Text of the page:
We like our historic city centers to seem … historic. Not a bunch of cameras and sensors and cell repeaters stuck onto those charming stone surfaces. It turns out there are plenty of ways to provide intelligent services without digging or pasting.
Challenges of Making Ancient Cities Smart
Photo by Florencia Potter on Unsplash
I worked with IBM Research’s public relations agency on this post about breaking the 100-qubit barrier in quantum computing.
IBM Quantum breaks the 100‑qubit processor barrier
My dive into asset management continues with this story for Avid’s blog:
Asset Management Tips: Helping News Teams Find Footage Faster
There is definitely profit to be had in city data: directly by selling/sharing data and indirectly by saving money and improving every aspect of the city, from transportation to tax collection. While municipalities face a lot of the same challenges in implementing IoT and data analytics that business does, there are specific barriers, including the way cities contract and pay for outside services. Read more:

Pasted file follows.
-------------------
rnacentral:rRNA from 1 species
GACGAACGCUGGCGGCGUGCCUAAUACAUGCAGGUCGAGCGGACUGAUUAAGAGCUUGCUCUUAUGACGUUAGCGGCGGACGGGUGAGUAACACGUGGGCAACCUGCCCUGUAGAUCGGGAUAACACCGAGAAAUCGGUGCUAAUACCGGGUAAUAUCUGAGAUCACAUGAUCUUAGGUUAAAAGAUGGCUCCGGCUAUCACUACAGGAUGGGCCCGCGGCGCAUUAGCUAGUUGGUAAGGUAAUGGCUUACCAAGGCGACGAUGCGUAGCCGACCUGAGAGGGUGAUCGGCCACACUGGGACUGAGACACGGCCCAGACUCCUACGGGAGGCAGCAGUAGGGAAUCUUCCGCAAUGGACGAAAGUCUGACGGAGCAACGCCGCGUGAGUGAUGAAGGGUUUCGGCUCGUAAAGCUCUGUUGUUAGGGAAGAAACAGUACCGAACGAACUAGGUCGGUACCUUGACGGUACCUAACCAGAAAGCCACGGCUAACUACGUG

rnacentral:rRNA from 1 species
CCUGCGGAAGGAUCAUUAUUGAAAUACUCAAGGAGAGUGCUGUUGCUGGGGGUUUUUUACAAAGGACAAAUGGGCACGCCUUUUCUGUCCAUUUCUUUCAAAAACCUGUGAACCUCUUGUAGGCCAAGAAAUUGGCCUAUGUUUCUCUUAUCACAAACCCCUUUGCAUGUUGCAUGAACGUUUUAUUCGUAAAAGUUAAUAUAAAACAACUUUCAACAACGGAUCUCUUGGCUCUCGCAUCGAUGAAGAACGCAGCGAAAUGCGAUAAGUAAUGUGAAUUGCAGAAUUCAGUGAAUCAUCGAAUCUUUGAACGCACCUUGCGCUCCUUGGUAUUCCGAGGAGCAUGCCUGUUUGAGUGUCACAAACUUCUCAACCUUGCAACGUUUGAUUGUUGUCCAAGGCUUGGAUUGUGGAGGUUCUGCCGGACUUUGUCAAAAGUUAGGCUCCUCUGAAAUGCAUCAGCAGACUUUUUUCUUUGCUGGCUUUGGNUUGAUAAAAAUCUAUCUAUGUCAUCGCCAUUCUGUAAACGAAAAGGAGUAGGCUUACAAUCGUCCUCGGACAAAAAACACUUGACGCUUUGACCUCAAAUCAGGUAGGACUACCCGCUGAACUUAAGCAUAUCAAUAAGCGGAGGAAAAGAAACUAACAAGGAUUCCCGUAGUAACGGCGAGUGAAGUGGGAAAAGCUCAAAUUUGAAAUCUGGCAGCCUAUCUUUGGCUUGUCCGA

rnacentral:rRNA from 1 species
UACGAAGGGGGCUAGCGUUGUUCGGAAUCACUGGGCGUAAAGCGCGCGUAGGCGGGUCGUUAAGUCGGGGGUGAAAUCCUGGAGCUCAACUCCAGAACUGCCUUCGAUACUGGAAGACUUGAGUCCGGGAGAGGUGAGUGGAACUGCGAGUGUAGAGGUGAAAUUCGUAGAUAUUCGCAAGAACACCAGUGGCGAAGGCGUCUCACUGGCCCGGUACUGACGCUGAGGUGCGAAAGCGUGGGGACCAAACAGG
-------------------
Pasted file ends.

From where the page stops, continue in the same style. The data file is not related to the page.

Cities Get Smarter about Embracing the Data Economy
Blockchain is not all about bitcoin. I identified four promising uses for the technology in the automotive sector. (Forgive my editor’s jokey title.)
Blockchain an Anchor or Shackle for Car Makers?
Artificial intelligence is a key enabling technology for self-driving and semi-autonomous cars. This report examines the areas where machine learning, deep learning and big data already are deployed, and what the next steps are.
Read it on the Tu-Auto site.
Every company wants to hold onto their customers, but relentless marketing turns people off. This blog post for the IBM Big Data Blog explores three ways businesses can use data to increase loyalty.
Data Is Key to Building Brand Loyalty